Guglielmo Marconi, photographed at 22 years of age, looks out from behind his first patented wireless receiver (1896).
Guglielmo Marconi was the son of Giuseppe Marconi of Bologna, Italy, and Annie Jameson, daughter of an Irish family. The young Marconi developed a deep interest in electrical phenomena. When he read of the experiments of Hertz on electromagnetic waves, he became obsessed with the idea that such waves could be used for transmitting information without the need for the wire connection of the electric telegraph. In 1894, Marconi began his wireless telegraphy project by repeating some of Hertz's experiments with a number of improvements. Marconi offered his wireless communication system to the Italian government, but it was refused. In London in 1896 he first patented his system and then secured backing for it. In 1897, Marconi formed his wireless telegraph company. His four-circuit tuning, patented in 1900, led to widespread use of his system. Universal adoption of wireless telegraphy was rendered even more certain by Marconi's famous experiment in December 1901. In St. John's, Newfoundland, he received a radio-wave signal sent out from Cornwall, England.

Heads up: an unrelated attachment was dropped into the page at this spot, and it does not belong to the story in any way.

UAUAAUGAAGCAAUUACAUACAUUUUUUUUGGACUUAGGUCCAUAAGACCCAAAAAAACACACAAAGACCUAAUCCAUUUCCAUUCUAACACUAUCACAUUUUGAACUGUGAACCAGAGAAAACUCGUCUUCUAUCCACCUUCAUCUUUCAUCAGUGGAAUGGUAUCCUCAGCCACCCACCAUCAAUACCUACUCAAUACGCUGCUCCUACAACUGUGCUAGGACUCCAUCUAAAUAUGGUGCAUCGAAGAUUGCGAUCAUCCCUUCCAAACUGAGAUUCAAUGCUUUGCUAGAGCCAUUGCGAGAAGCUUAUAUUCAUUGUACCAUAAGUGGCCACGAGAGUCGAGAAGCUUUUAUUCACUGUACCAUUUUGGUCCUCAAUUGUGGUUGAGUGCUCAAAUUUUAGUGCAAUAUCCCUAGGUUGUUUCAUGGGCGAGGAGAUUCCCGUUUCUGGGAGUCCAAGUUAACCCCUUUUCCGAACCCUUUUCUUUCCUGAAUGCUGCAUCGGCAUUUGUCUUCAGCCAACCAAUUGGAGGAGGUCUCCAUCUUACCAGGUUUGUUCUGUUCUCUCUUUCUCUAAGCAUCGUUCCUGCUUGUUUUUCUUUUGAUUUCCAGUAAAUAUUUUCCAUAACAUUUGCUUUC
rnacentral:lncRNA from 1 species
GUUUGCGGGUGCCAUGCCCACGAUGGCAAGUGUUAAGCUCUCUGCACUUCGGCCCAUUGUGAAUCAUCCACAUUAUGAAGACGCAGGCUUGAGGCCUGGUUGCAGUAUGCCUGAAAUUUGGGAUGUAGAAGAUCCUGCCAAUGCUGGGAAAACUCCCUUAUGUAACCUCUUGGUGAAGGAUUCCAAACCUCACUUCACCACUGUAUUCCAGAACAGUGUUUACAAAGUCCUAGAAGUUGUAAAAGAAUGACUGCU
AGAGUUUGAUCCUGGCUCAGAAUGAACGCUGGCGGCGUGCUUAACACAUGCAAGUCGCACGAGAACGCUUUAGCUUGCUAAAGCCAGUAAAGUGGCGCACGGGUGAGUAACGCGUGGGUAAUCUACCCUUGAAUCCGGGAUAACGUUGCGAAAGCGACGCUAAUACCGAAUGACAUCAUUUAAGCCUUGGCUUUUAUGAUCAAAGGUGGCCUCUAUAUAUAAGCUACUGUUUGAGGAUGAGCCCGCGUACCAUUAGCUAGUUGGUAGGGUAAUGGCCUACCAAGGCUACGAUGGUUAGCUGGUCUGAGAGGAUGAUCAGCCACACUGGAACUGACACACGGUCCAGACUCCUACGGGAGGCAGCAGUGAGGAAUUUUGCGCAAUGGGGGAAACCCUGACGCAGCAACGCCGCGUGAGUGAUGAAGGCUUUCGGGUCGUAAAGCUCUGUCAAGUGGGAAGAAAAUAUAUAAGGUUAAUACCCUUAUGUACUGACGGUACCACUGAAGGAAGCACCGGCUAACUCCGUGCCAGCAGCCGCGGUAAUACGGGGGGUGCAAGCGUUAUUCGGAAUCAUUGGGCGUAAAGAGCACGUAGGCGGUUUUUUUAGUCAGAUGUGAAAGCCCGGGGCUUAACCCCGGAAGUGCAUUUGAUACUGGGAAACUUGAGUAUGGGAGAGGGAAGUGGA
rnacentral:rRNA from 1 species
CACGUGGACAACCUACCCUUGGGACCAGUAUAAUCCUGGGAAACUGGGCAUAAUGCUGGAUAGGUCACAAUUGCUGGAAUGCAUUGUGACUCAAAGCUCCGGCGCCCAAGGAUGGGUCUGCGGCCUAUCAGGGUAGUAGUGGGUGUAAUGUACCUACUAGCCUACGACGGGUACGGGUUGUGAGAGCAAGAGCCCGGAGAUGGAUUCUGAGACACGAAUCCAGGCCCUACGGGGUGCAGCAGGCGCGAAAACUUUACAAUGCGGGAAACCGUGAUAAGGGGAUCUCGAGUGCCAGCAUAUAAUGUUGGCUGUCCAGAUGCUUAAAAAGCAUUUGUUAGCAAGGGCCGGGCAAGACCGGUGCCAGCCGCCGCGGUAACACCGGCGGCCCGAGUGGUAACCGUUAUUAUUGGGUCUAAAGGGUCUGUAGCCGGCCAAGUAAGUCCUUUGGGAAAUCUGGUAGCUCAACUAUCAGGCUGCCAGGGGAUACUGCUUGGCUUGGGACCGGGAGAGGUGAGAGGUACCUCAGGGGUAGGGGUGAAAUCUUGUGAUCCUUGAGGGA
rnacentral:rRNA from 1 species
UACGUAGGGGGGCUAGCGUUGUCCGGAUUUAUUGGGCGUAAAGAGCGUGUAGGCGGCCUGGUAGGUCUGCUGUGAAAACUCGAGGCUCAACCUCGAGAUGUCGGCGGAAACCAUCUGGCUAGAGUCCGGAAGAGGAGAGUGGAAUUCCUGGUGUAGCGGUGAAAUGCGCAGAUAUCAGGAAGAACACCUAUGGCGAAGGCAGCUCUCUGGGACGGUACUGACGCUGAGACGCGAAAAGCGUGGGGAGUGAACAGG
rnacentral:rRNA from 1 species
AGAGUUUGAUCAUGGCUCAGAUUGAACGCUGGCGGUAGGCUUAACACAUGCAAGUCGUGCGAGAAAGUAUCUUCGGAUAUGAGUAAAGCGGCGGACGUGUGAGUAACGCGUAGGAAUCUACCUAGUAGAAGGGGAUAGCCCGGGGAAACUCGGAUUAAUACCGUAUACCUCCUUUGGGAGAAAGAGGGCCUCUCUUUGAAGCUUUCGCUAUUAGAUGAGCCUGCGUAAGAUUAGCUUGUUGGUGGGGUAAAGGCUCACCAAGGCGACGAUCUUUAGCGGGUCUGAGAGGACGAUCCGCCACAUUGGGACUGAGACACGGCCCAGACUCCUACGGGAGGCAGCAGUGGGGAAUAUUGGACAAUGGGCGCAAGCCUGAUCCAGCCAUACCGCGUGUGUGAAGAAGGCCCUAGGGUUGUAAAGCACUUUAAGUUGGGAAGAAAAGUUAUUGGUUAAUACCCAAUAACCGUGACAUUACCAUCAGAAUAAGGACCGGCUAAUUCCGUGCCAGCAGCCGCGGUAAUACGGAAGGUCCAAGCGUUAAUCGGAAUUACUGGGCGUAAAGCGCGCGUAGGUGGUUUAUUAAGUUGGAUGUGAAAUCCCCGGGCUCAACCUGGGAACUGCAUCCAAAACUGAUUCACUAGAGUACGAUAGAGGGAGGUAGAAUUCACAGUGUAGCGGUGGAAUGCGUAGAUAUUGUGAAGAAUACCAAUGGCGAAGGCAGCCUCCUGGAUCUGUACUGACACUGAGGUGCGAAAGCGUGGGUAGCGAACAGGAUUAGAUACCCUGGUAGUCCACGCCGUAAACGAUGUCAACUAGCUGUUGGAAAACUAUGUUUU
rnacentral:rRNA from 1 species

A partial biography of Guglielmo Marchese Marconi (1874-1937)
Guglielmo Marconi and Early Systems of Wireless Communication: a downloadable paper (pdf) based on R.W. Simons' address to the Institution of Electrical Engineers in 1984.
Guglielmo Marconi: The Father of Modern Communications
100 Years of Radio: a history which emphasizes the role of Marconi in radio.
Marconi, Gugleilmo - Bio
Marconi at Rathlin Island
Making Waves: a BBC site with includes many Marconi-relevant links.
Guglielmo Marchese Marconi
The Invention of Radio
Outline of Radio
Lets look at some of Marconi's technology:
A rough schematic of Marconi's original wireless system
A photograph of Marconi's 1895 transmitter
A more detailed schematic of Marconi's 1900 wireless system which incorporates
Sir Oliver Lodge's "Sintonic Principle" (1898)
A detailed schematic of the 1900 transmitter
The spark transmitter of 1900,